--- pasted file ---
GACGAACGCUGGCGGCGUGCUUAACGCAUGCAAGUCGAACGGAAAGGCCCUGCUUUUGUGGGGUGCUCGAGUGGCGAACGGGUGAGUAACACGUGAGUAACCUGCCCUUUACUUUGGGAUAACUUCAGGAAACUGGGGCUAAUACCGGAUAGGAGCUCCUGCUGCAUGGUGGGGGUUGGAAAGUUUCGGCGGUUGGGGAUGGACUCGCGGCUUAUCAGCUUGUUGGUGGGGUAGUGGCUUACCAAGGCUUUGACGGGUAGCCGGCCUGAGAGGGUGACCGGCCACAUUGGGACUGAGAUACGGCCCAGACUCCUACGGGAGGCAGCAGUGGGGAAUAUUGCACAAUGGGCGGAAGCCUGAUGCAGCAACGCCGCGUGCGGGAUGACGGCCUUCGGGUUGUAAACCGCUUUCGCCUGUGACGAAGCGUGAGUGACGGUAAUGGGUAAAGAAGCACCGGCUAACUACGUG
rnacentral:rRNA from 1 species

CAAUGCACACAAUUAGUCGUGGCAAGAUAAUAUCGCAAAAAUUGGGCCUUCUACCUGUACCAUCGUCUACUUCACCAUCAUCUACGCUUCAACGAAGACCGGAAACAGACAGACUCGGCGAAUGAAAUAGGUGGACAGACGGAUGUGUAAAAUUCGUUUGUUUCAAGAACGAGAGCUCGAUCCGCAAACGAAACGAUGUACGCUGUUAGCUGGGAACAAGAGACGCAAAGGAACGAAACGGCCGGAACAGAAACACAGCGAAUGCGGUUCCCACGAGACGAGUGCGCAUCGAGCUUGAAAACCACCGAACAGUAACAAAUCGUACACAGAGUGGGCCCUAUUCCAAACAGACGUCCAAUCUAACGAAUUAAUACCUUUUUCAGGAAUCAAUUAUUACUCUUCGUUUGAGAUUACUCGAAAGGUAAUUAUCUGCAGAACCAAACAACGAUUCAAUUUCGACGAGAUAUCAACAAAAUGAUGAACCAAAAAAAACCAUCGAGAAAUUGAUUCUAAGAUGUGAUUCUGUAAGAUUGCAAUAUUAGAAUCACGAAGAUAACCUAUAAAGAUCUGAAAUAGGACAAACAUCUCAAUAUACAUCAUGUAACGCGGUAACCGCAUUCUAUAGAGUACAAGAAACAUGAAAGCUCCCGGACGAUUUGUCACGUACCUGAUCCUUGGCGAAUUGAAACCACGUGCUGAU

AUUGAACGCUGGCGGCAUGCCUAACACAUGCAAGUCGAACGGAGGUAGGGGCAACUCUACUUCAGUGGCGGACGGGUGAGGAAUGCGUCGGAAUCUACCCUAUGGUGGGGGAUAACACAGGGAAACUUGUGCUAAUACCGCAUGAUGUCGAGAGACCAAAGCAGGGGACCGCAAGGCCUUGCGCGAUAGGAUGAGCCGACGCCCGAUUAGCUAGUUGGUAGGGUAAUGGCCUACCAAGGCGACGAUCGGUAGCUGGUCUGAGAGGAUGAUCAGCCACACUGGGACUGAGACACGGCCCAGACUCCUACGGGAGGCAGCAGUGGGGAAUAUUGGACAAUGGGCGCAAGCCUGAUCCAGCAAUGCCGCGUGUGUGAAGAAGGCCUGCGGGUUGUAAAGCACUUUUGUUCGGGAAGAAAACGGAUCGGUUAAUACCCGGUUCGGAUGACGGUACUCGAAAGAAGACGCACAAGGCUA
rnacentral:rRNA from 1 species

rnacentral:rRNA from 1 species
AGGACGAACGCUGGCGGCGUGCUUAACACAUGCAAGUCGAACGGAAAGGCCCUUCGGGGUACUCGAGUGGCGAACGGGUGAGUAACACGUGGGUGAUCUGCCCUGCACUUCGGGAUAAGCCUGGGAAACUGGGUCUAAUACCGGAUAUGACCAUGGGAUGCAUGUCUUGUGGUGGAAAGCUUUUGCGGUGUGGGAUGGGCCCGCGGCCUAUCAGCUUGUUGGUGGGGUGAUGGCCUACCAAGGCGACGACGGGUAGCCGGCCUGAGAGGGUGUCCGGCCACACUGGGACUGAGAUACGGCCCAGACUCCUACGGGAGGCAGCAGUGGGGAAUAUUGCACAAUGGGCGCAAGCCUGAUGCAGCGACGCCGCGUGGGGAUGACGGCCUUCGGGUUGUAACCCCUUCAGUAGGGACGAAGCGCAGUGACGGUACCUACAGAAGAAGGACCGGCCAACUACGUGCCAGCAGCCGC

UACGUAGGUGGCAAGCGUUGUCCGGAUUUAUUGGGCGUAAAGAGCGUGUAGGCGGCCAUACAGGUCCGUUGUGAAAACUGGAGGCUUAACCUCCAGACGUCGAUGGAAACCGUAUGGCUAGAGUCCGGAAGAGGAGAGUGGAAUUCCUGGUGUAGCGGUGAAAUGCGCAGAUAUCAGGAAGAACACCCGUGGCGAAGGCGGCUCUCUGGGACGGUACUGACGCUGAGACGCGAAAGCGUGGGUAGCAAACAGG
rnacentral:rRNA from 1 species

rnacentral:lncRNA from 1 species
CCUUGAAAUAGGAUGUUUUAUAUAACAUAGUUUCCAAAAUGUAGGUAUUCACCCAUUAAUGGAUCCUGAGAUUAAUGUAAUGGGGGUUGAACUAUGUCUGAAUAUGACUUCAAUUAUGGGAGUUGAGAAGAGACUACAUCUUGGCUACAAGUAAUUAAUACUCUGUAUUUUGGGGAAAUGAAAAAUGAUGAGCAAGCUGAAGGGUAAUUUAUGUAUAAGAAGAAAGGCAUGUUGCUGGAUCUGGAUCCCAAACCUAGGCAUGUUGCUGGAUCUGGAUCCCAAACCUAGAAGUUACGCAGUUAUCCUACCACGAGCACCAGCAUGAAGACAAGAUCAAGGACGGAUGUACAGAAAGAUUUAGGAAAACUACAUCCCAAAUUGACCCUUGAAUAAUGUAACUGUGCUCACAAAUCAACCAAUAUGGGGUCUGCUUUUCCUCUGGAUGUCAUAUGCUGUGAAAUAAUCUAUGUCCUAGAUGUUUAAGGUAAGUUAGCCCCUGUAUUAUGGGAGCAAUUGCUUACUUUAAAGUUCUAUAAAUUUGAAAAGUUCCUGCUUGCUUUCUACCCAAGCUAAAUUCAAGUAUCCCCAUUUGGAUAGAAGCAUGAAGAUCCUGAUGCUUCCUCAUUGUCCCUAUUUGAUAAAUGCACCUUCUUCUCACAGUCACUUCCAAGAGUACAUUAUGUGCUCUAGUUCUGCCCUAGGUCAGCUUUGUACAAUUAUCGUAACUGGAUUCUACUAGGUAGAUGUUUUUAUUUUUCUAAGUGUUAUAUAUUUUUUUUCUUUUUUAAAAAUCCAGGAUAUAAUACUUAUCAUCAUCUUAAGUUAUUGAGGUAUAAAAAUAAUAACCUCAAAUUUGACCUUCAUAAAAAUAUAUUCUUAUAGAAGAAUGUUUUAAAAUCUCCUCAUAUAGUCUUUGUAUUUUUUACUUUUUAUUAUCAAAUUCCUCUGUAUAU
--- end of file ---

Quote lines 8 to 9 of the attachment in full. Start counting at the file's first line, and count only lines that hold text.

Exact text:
UACGUAGGUGGCAAGCGUUGUCCGGAUUUAUUGGGCGUAAAGAGCGUGUAGGCGGCCAUACAGGUCCGUUGUGAAAACUGGAGGCUUAACCUCCAGACGUCGAUGGAAACCGUAUGGCUAGAGUCCGGAAGAGGAGAGUGGAAUUCCUGGUGUAGCGGUGAAAUGCGCAGAUAUCAGGAAGAACACCCGUGGCGAAGGCGGCUCUCUGGGACGGUACUGACGCUGAGACGCGAAAGCGUGGGUAGCAAACAGG
rnacentral:rRNA from 1 species